CALTRAIN GOES ELECTRIC... On Sept. 24, federal and state officials joined Caltrain representatives for the public unveiling of its new electric train cars. Serving as the centerpiece of the Caltrain Electrification Project, these new high-performance trains will offer better service to riders by generating less noise than diesel train engines, which also will benefit residents living near tracks, according to a press release. "The Bay Area is the high-tech capital of the world, and it deserves a transportation system that reflects that," said Rep. Anna Eshoo, D-Palo Alto). "The tracks that were laid in the time of the steam engine will carry modern, electric trains along the Peninsula, perfectly symbolizing our spirit of innovation and dynamic change." In addition to their technological advances, these new train sets will include seven cars, unlike the current standard of five or six cars per set. Caltrain plans to put these new trains into service in 2024, using the time before they join the fleet to test the trains and the infrastructure they will rely on, according to the press release. The corridor between the San Francisco Caltrain Station and the Tamien Station in San Jose is planned to be electrified as part of the Caltrain Electrification Project. Visual tours of the electric trains are available at caltrain.com and public tours are planned for early 2023.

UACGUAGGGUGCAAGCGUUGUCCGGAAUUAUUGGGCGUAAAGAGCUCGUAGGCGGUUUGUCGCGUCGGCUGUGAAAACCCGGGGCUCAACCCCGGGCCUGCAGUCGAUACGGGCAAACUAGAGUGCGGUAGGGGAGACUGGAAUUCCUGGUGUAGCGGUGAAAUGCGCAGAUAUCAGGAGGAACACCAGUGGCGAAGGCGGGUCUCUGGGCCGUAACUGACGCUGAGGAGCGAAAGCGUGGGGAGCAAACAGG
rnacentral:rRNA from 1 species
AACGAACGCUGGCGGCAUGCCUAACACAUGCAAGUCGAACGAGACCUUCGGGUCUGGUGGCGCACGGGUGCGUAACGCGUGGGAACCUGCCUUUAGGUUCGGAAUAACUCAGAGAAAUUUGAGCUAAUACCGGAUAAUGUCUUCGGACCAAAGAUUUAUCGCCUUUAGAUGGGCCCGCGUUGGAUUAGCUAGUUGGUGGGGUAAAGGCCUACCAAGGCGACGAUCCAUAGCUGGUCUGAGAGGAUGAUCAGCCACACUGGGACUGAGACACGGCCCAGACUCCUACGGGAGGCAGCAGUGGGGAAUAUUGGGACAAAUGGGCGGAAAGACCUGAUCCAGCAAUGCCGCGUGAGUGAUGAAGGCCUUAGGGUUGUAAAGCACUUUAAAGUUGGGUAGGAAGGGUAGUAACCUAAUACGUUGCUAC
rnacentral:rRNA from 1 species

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Around Town: The time when Queen Elizabeth II stopped by Stanford for lunch

Also, Caltrain unveils its fleet of new electric train cars

by Palo Alto Weekly Staff / Palo Alto Weekly

Uploaded: Sun, Oct 2, 2022, 8:11 pm

In the latest Around Town column, learn about the time when Queen Elizabeth II ate lunch at Stanford University during her first, and only, trip to California in 1983, and read about the big unveiling of Caltrain's new electric cars, which are set to hit the tracks for commuters in 2024.